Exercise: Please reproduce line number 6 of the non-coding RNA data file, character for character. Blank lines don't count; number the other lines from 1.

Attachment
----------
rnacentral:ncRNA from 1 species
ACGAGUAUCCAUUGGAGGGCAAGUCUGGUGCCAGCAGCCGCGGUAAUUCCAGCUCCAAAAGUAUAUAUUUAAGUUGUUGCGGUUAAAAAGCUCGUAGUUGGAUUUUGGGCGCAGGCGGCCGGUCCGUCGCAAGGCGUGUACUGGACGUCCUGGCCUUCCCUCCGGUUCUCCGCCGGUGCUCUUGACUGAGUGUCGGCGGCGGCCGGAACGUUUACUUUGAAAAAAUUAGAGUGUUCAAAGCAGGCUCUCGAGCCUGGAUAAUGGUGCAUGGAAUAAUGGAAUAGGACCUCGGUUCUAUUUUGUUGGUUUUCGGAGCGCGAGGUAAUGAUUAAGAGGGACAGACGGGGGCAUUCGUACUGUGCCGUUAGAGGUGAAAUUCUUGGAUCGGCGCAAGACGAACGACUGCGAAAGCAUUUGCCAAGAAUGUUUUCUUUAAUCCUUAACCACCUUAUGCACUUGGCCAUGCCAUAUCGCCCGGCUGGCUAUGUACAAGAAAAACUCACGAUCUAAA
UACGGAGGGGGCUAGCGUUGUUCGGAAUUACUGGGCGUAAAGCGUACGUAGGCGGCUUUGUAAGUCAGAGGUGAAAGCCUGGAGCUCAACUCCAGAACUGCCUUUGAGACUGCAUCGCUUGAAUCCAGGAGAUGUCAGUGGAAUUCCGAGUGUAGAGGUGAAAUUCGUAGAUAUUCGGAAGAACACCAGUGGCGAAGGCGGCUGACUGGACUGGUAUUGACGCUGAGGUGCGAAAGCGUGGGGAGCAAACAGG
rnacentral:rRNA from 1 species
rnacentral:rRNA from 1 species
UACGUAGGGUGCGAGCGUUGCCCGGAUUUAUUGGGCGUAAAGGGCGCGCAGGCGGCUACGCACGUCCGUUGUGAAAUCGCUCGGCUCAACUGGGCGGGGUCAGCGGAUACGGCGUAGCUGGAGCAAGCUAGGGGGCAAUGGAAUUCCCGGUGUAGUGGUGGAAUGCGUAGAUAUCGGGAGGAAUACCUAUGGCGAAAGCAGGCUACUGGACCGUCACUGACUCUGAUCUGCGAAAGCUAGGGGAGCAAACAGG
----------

UACGUAGGGUGCGAGCGUUGCCCGGAUUUAUUGGGCGUAAAGGGCGCGCAGGCGGCUACGCACGUCCGUUGUGAAAUCGCUCGGCUCAACUGGGCGGGGUCAGCGGAUACGGCGUAGCUGGAGCAAGCUAGGGGGCAAUGGAAUUCCCGGUGUAGUGGUGGAAUGCGUAGAUAUCGGGAGGAAUACCUAUGGCGAAAGCAGGCUACUGGACCGUCACUGACUCUGAUCUGCGAAAGCUAGGGGAGCAAACAGG